"There is no means of avoiding a final collapse of a boom brought about by credit expansion. The alternative is only whether the crisis should come sooner as a result of a voluntary abandonment of further credit expansion or later as a final and total catastrophe of the currency system involved."
- Ludwig von Mises

Monday, September 27, 2010

Fears of Irish Default Intensify

From the Financial Times:

Markets fear Ireland is another Greece

So soon after Greece’s economic crisis erupted earlier this year, one cannot but help getting a déjà vu. Markets have begun to ask questions about Ireland’s solvency, but European policymakers appear to be in the same sort of denial as were their Greek counterparts. This denial may be the prelude to the same sort of grave policy mistakes that characterised last May’s Greek bail-out package from the International Monetary Fund and European Union...

The most important point made by the article (emphasis mine):

But the elephant in the room being glossed over by European policymakers is how extraordinarily difficult it is to make large budget adjustments within the straitjacket of eurozone membership, since that straitjacket precludes the possibility of currency devaluation to boost exports as an offset to fiscal tightening.

article ends with:

If Greece’s bail-out earlier this year offers any guide, one must expect that European policymakers will try to paper over Ireland’s solvency problems with a heavy dose of IMF-EU financing. This might buy useful breathing room for a European banking system overexposed to its periphery. But it would hardly be in Ireland’s best interest since, in the absence of debt restructuring and of a euro exit, IMF-imposed austerity runs the real risk of plunging Ireland deeper into depression and deflation.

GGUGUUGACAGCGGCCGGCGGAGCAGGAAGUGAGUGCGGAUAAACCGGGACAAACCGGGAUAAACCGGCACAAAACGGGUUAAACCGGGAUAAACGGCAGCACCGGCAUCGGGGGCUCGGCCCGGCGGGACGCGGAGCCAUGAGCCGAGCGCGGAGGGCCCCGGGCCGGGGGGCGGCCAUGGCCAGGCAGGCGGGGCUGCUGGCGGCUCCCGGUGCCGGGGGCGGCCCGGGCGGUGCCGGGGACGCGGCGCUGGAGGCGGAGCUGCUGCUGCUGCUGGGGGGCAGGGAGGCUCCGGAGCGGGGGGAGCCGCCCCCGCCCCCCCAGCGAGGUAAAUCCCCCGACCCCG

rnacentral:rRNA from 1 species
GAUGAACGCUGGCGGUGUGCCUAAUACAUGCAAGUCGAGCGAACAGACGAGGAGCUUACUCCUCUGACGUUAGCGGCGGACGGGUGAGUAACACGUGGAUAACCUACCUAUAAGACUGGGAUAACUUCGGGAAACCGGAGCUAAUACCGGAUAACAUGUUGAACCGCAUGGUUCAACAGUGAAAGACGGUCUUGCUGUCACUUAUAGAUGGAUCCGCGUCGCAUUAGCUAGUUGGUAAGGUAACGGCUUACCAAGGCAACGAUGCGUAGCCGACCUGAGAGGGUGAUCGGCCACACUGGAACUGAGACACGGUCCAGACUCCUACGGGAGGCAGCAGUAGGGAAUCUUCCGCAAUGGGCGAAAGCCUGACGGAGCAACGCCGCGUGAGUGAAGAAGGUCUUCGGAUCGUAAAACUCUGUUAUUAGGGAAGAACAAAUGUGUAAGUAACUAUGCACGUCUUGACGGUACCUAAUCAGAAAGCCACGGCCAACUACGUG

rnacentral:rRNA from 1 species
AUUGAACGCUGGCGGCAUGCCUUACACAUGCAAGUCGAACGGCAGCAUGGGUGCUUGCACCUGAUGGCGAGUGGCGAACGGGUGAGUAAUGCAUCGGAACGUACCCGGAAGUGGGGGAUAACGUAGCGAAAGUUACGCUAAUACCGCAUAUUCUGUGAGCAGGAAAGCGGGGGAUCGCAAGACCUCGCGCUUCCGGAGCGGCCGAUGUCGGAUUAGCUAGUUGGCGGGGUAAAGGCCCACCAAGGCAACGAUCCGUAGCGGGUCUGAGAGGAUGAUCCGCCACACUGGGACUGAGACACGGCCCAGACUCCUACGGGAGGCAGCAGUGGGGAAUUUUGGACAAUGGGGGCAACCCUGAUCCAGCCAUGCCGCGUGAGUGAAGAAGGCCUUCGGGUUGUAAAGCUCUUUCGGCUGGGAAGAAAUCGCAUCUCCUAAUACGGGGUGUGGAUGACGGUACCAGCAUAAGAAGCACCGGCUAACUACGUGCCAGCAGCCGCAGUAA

If it is indeed inevitable that, in the end, Ireland will be forced to renege on its government’s debt obligations and to exit the euro, from an Irish perspective it is better that it be done quickly without pointlessly prolonging pain and saddling the country with a mountain of official debt. For at least that route might offer Ireland some prospect of recovering from its present economic depression.
My view:

As I have written before, Austerity will not be the path to national solvency.  If anything, I believe that austerity measures in the medium term, will worsen the economic situation of the EU Periphery countries.  As I have said before, Greece is going through a severe debt deflation period.  Businesses are closing, people are spending less and being taxed more (rightfully so, but the timing isn't convenient), and Greece is not alone.  The issue is not one of efficient government - that is, Ireland's government is more efficient than's Greece's so Ireland should be fine.  The issue is debt levels - how much, and who holds the debt.

Ireland has the highest external debt to gdp of any other nation - bar none.  And here's the issue with that:  external debt is like a vacuum - it sucks up money out of the national economy because payment is made to creditors abroad.  The stats below are from year end 2009:

(click on image to enlarge  - source of image and good article)

A further issue the EU is facing is the currency race to the bottom.  Looks like Bernanke was able to spook the markets better than the EU could regarding future monetary printing.  The US Dollar has fallen a lot in value against the Euro and gold recently.  In terms of trade, the US benefits.  The EU Periphery, could use some Euro debasement right now.  (And I'm sure Germany would be happy too.)

But in the end, it won't matter.  Bad enough the debts are too cumbersome, the EU is making it more difficult for the periphery to manage those debts.  As Michael Hudson has said:  "debts that can't be paid, won't be paid."

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